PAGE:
plaster partitions; and where defendant's inspector,
in spite of the approval by the project manager, re-
quired the installation of additional rawl drives,
which he had no authority to do; and where plain-
tiff acceded to the inspector's demand without
protesting to the contracting officer; it is held that
plaintiff is barred from recovery on account of its

109 C. Cls.


failure to protest. See United States v. Blair, 321
U. S. 730; Silas Mason Co. v. United States. 105 C.
Cls. 27. Id.

XXIV. 5. Where, after amended instructions were given with
reference to the inspector's requirement that the
plastered partitions be exactly plumb and true,
plaintiff made no further written protest against the
requirements of the inspectors and also failed to take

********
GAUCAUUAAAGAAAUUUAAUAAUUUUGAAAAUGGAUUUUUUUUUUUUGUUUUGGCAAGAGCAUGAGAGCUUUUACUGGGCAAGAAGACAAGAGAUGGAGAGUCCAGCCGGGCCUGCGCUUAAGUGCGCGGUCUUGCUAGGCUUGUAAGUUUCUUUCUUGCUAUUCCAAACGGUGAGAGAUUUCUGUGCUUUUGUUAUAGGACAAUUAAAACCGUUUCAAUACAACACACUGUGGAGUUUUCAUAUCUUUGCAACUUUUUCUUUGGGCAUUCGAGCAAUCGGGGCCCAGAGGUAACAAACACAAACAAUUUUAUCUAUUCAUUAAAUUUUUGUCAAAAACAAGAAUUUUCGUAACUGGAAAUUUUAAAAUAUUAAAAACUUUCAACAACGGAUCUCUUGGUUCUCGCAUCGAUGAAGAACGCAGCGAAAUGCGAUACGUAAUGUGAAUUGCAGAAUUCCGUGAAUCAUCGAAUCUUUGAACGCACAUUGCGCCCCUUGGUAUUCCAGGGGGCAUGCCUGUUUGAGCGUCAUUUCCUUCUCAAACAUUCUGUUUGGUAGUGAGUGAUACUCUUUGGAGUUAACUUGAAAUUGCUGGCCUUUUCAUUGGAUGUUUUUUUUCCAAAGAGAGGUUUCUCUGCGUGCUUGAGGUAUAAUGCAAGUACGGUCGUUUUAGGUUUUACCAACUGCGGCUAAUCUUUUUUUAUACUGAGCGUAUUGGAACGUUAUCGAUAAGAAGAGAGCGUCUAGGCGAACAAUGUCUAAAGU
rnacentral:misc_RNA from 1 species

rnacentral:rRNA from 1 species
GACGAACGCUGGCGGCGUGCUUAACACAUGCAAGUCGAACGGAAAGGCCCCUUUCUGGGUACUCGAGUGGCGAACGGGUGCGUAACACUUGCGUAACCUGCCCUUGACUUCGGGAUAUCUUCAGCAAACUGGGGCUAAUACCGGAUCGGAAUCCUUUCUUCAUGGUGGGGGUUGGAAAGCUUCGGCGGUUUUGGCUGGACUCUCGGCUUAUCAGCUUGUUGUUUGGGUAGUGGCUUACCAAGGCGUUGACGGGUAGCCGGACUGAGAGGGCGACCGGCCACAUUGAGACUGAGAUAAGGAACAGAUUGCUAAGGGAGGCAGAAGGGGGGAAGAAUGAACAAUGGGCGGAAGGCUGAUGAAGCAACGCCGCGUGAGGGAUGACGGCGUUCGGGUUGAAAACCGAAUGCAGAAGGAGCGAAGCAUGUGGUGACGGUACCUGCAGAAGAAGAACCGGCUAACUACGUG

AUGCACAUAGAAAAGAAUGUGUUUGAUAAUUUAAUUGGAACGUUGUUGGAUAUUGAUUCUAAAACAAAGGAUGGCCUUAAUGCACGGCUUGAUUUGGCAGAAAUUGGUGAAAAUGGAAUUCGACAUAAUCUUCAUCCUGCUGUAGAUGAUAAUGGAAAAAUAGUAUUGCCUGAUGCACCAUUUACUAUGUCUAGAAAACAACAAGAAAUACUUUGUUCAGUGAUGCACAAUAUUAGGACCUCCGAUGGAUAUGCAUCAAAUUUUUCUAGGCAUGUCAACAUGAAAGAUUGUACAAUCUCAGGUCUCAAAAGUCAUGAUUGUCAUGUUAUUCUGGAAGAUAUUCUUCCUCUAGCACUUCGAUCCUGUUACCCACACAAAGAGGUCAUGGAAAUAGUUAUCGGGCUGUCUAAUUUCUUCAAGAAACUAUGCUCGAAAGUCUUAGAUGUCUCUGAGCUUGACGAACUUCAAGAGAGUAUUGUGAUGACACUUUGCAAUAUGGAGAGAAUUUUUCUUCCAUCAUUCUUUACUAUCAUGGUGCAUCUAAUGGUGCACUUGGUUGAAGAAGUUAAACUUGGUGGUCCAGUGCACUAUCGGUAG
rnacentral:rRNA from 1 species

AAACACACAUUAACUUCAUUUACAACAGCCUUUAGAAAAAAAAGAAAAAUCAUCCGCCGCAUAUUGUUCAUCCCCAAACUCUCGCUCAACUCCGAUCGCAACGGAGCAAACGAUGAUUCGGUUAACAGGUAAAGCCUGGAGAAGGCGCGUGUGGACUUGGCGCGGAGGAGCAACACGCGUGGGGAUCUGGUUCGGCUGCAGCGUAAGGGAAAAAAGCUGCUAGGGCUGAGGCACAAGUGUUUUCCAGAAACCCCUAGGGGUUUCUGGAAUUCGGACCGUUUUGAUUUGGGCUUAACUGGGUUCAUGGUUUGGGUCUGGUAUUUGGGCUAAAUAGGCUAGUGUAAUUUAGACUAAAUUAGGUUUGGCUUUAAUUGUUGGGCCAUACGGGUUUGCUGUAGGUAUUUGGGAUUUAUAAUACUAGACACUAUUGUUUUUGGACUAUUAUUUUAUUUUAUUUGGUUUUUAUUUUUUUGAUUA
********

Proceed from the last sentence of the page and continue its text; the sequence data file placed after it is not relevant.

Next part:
any appeal to the head of the department from the
adverse ruling of the contracting officer on its claim;
it is held that plaintiff is not entitled to recover on this
item. Id.

XXV. 6. Where plaintiff made no protest against most of the
requirements of the inspectors; and where in no case
did plaintiff take an appeal to the head of the
department from the adverse ruling of the contracting
officer, as required under Article 15 of the contract;
the court, after careful examination of plaintiff's
other claims, in which no merit is discovered, holds
that plaintiff is not entitled to recover on any items
of its claim. Id.

XXVI. Property rights, as such, are by no means the only
matters the full enjoyment of which may be protected
by contract, and for which a contracting party may
be required to respond in damages in the event the
agreement is breached; and where something other
than a strict property right is the object of concern
the difficulty of ascertaining the damage in event of
breach would appear to make a stipulation as to
liquidated damages only the more desirable. See
Sun Printing & Publishing Assn. v. Moore, 183
U.-S. 642, 670. Oregon-Washington R. R. & Nav.